I've seen similar things in many churches, it is like the design committee is scared of bolder colours.  Bold colours are high risk./ high reward: if you get the colours right, it will look amazing, but if you get them wrong, it will be horrible.  Pastels and off whites tend to be low risk/low reward: If you get the colours wrong, it still won't look that bad.  But, by thee same token, even if you get it right, it won't look that good.

Oddly enough, there was a Polish church almost across the road from the other Catholic Church in Hamilton.  Puff and I stopped in to look at it, and the contrast could not have been more pronounced.  Bold colours in intricate patterns covered every surface of the interior.  It could have been horrible, but it was wonderful instead.  Mind, it was tame in comparison with St George's.


Younger will also be visiting St Anne de Beaupre while she is Quebec.  I wanted to go back there, but I have never managed to pull it off.  It is always just a little outside of my budget.  She, however, isn't really looking too forward to it.  She claims I have taken her to too many churches.

So, to what is she really looking forward?  Whale watching.  They will be going on a small boat for a three hour tour.  A three hour tour.


I am somewhat nervous about that.  I hope there's someone on board who knows how to make a radio out of a pair of coconuts.


On Sunday Puff Younger and I visited Black Creek Pioneer Village as it was free that day.  The place has gone downhill, I am sorry to say.  They didn't have many presenters showing us how the work was done.  No cooper, no shoemaker, no broom maker.  They had a photography shop, which I thought would be interesting- dress up like a pioneer and have our photo taken- but, instead, it was an empty room with a chair and one or two props.  They had a vest and an apron and a few other things you or your companion could put on, and then you take the picture yourself. With your own camera. Cheap and stupid.

Do these people not want to make money?

 Worst of all, from my biased point of view, was that there was no cabinet maker.  The shop was in good order, with tools on display, but there was no wood to be worked, no shavings or dust on the floor, no projects in progress.  Nothing.  I asked around, to see what was going on (and if there is an opening, I would gladly apply) and found out that the old cabinet maker or one of his apprentices injured themselves a few years ago, and, for insurance reasons, it was decided to close the shop.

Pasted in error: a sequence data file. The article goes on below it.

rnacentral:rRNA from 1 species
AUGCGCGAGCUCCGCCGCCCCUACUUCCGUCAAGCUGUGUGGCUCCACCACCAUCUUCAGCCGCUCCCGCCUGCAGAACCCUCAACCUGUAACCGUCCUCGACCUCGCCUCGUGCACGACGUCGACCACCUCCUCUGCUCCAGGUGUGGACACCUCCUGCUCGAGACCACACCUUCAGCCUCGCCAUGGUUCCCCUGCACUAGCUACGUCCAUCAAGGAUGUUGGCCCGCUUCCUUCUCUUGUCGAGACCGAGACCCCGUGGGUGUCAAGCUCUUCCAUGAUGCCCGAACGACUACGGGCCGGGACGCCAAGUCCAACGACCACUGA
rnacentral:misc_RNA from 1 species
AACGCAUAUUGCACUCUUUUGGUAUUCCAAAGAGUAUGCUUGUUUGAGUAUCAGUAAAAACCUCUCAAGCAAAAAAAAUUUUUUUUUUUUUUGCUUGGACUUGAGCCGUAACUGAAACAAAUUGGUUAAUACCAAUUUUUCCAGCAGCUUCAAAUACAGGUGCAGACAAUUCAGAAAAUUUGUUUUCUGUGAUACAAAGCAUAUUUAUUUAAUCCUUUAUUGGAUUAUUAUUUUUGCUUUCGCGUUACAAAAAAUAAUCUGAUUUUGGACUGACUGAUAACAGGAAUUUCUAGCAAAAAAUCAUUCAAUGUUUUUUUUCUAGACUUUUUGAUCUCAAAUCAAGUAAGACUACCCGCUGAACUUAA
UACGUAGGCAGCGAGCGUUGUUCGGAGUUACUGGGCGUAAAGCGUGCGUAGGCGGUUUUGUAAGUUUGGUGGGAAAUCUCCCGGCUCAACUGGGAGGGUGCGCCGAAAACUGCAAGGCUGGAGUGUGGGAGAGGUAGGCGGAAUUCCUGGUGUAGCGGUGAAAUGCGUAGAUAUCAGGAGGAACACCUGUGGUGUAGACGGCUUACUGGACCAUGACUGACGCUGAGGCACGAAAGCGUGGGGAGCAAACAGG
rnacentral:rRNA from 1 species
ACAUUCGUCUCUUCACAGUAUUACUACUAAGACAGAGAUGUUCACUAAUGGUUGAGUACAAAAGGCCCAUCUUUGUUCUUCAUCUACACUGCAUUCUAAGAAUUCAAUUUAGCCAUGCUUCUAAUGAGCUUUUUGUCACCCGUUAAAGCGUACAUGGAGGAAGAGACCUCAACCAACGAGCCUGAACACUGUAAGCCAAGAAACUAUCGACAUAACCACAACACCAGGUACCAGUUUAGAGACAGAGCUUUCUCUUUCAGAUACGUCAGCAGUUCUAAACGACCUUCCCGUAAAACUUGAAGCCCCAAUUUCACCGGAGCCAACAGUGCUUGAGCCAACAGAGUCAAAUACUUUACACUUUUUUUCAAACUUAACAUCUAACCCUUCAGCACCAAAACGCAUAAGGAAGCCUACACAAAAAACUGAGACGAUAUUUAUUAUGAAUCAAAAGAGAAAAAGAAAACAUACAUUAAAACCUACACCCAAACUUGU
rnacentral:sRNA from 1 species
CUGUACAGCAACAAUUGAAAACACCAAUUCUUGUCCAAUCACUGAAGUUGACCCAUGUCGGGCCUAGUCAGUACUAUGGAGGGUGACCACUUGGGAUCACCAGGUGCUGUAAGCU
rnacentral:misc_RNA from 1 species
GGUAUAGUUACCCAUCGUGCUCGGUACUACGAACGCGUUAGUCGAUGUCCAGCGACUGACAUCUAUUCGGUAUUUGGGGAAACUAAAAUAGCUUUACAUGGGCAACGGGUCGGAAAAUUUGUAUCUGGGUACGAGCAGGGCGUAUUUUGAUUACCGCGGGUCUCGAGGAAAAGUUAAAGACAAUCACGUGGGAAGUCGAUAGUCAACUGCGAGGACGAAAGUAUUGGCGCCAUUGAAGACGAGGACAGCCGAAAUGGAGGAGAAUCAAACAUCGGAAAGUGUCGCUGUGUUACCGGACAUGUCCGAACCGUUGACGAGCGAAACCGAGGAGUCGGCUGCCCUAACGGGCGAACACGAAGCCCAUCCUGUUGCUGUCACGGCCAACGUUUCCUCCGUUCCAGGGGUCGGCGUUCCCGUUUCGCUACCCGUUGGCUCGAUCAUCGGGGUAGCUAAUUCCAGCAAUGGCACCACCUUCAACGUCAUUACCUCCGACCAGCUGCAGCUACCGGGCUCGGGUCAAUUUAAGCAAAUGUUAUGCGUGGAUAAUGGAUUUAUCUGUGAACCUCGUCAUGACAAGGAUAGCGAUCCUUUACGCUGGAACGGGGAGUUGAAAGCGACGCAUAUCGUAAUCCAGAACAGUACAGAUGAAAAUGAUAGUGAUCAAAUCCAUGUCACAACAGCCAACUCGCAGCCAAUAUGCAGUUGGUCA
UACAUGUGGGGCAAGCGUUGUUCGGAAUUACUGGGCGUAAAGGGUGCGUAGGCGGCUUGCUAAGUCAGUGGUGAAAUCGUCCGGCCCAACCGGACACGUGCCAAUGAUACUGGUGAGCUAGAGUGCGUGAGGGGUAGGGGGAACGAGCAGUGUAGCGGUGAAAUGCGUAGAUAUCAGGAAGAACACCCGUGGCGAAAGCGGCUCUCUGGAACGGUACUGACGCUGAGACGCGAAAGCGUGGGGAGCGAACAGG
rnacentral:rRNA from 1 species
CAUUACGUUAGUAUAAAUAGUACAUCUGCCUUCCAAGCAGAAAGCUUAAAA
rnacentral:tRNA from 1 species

What kind of buffoon injures themselves that badly with hand tools?  And was it that bad, or are the insurance companies paranoid?  Was it serious, or just a couple of stitches?  Don't get me wrong- my left hand is covered with scars from woodworking.  If they were using power tools, that would be another matter entirely.  You can lose a hand in a second with those.  But to really hurt yourself with handsaws and planes?  That takes both real effort and real incompetence.


In other news, I am now a second degree knight.

We are told to keep the rituals secret, and I will honour the oath I swore, but, at the same time, I am a little disappointed.  I wanted better secrets.  Maybe I'll learn something at one of the higher levels.  I see one of the grand knights leaning forward and whispering something like:  "You know World War Two?  That was us."


I hope Younger is enjoying herself.  I am jealous, but I still hope that she has a wonderful time with good memories.  Something she can tell her kids about.  Or at least me. 


Anonymous said...

Nice Gilligan's Island reference!

Julian Barkin said...

Congratulations Bear on obtaining 2nd degree. I likewise advanced another degree myself, that being the 3rd degree, last night in King City. Quite awesome to do this I say!

Now, more importantly this was the most epic part of your post: "Our second stop on the doors open day was St Lawrence Market. It wasn't on the list of places that were open specifically for the weekend. I just went there because I wanted a Peameal Bacon Sandwich."

Peameal Bacon Sandwich for the win! Pax!